Build Your Retirement Portfolio to Last
Updated May 21, 2009
In Spending Confidently in Retirement we looked at how big your portfolio should be to sustain your level of retirement spending (other sources of income taken into account, of course). If you’re a conservative-to-moderate investor in retirement and want a high level of confidence that you’ll maintain your inflation-adjusted standard of retirement living for 30 years, the rule of thumb is this: Shoot for a portfolio approximately 25 times as large as your first-year withdrawal. This translates into roughly a 4% withdrawal rate in the first year of retirement only. After that, the goal is to increase the first-year dollar amount to adjust for inflation each year throughout retirement.
Why not go conservative?
If the portfolio target for the same level of spending is about equal whether you take a conservative or moderate investment approach, then why should you take on more risk for a similar probability of success? Why not just go conservative? Because, in addition to spending confidence, you might also want to increase your odds of ending up with more than you bargained for.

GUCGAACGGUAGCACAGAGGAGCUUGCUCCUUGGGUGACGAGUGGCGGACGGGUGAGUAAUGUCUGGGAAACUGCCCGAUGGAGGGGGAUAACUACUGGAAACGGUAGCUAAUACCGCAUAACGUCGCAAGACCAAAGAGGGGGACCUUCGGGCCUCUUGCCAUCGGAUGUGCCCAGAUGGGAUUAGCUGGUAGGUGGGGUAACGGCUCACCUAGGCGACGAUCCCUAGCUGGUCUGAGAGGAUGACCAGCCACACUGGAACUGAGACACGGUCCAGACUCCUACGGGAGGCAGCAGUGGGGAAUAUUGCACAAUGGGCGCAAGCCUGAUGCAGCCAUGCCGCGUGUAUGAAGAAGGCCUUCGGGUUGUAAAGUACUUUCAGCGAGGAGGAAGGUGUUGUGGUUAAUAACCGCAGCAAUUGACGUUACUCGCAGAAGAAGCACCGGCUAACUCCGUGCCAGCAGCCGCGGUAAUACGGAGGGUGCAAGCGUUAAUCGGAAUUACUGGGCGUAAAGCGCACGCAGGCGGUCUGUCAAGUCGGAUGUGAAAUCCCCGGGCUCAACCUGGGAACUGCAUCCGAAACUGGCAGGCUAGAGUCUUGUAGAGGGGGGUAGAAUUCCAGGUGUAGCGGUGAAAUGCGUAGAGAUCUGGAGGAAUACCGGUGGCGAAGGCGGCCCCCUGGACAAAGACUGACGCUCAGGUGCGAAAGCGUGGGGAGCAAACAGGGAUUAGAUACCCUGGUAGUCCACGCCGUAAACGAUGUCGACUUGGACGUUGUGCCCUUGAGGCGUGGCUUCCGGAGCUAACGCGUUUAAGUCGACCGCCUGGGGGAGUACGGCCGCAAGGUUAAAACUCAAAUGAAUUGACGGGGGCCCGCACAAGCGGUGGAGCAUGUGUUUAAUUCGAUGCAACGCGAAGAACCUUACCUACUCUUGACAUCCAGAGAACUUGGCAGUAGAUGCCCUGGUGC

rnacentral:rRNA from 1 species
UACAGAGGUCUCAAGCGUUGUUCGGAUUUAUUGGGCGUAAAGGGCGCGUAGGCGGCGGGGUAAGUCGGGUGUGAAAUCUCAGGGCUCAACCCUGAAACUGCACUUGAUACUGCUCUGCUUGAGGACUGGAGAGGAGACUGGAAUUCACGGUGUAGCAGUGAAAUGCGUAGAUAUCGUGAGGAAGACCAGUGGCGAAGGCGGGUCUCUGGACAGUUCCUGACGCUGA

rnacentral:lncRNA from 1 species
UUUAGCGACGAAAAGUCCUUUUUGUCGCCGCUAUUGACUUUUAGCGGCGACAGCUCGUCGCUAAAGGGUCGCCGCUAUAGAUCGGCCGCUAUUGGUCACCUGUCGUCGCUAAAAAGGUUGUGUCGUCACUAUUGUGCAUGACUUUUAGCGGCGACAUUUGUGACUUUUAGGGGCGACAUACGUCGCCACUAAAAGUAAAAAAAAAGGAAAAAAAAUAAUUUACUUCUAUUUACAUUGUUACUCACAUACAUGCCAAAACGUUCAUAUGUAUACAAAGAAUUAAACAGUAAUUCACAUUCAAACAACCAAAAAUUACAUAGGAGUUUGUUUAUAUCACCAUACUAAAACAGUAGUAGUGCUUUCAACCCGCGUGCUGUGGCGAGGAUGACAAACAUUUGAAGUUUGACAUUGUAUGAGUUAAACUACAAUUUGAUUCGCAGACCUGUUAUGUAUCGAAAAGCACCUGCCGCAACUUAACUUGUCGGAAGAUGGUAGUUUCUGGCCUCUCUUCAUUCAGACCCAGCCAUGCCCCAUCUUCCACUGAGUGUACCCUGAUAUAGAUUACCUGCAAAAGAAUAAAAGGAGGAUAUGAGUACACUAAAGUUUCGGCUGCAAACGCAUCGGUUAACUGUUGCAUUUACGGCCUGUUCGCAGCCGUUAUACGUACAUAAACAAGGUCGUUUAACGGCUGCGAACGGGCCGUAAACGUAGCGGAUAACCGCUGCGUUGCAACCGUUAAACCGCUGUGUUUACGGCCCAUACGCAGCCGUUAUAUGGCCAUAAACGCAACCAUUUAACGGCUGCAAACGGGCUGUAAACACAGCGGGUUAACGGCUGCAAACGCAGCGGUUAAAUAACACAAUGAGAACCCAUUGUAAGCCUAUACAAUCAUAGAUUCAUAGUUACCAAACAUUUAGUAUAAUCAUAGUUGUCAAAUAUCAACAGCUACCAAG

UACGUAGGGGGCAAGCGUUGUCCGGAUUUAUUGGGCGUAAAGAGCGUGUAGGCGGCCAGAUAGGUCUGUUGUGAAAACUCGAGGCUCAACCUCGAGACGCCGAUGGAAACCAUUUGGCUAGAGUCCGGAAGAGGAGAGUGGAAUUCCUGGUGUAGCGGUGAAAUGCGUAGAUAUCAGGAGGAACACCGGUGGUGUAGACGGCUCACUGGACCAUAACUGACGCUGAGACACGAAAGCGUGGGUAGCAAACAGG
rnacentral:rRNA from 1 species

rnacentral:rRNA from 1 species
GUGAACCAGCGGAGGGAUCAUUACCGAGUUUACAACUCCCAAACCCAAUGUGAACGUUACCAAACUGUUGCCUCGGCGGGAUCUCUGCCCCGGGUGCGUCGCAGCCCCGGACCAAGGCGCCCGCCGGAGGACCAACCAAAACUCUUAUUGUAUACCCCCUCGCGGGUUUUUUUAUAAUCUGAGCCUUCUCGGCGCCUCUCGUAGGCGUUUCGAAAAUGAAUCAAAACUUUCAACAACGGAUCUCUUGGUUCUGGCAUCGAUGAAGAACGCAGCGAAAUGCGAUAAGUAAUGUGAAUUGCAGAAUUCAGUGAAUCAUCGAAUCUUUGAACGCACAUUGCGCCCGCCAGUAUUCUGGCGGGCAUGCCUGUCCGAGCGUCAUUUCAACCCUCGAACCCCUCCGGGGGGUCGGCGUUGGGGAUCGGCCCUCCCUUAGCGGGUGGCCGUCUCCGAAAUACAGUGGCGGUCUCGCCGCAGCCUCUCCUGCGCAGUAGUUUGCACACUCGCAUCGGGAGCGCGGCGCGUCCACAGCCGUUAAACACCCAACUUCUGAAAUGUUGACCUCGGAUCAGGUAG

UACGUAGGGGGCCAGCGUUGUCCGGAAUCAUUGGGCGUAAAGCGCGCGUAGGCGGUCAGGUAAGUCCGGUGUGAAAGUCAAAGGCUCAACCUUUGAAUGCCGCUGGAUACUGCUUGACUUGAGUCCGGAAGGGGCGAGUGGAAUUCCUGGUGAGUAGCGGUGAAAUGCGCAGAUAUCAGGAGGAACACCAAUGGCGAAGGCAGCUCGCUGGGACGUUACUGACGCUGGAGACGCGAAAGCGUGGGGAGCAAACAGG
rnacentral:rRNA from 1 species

If you are a conservative, moderately conservative or moderate retiree, you can withdraw roughly 4% of your portfolio’s value in your first year of retirement and adjust that amount for inflation over a 30-year period with about a 90% probability you won't run out of money prematurely. However, without sacrificing the 4% inflation-adjusted withdrawal rate, if your investment approach is moderately conservative or moderate, you have the chance to end up with more money, as the following table shows:
Potential ending wealth for a retiree with a 30-year horizon
First-year withdrawal rate (grown for inflation)
|3.8% ($57,000)||4% ($60,000)||4% ($60,000)|
Ending wealth after 30 years
90% confidence level
75% confidence level
50% confidence level
25% confidence level
Hypothetical examples are for illustrative purposes only and not intended to be reflective of actual results. Ending wealth assumes 2.7% inflation.
OK, so why not go moderate?
Before you answer based on the best-case scenario in the table above, notice that it’s based on a 25% confidence level—that is, 75% of the outcomes are expected to be worse. What's more, a moderate portfolio, being riskier, is more likely to run out of money prematurely if we boost the confidence level to 95%.
How soon might your money run out at a 95% confidence level?
|Years before money runs out||28||27||26|
Splitting your retirement into stages
Ultimately, the best asset allocation for your retirement portfolio will depend on your own circumstances and tolerance for risk. If you are a retiree who relies on your investments for a significant portion of spendable income and want your portfolio to last as long as you do, we recommend that you allocate at least 20% (conservative), but no more than 60% (moderate), to stocks. Many retirees might find a moderately conservative allocation in the middle of that range (40% stocks) appropriate, given the goal of balancing sustainable current income and potential long-term growth.